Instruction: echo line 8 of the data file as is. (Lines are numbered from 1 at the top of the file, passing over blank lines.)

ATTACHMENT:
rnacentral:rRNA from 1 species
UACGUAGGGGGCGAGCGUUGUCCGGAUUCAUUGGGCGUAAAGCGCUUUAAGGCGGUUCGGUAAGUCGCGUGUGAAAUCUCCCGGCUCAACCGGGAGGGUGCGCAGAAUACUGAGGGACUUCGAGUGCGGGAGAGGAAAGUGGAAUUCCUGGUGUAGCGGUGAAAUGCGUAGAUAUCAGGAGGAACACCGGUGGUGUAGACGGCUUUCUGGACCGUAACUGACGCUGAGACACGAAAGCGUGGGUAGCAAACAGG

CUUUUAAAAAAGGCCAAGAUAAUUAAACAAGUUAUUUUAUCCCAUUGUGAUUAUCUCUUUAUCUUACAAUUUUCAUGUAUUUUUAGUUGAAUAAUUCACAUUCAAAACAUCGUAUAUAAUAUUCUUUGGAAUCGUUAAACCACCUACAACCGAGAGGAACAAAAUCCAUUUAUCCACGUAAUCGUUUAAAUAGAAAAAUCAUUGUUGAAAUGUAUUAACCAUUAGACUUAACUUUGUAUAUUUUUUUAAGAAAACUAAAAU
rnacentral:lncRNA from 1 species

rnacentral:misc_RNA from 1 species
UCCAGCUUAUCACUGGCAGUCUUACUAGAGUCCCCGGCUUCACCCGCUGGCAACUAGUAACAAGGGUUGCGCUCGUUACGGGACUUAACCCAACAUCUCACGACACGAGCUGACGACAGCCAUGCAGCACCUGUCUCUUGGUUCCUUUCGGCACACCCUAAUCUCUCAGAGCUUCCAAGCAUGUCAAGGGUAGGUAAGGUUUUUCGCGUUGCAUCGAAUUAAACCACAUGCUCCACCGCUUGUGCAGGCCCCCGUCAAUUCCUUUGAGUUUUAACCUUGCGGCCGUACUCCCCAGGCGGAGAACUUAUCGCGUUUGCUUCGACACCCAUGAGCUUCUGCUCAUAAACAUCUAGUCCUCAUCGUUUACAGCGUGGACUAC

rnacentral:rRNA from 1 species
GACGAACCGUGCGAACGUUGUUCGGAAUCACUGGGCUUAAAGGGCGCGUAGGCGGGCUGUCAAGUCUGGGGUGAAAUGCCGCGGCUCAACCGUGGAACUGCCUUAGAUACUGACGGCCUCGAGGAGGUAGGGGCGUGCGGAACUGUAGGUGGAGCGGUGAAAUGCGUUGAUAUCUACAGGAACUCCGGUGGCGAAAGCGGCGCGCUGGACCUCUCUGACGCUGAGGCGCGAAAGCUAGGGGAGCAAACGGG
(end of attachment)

GACGAACCGUGCGAACGUUGUUCGGAAUCACUGGGCUUAAAGGGCGCGUAGGCGGGCUGUCAAGUCUGGGGUGAAAUGCCGCGGCUCAACCGUGGAACUGCCUUAGAUACUGACGGCCUCGAGGAGGUAGGGGCGUGCGGAACUGUAGGUGGAGCGGUGAAAUGCGUUGAUAUCUACAGGAACUCCGGUGGCGAAAGCGGCGCGCUGGACCUCUCUGACGCUGAGGCGCGAAAGCUAGGGGAGCAAACGGG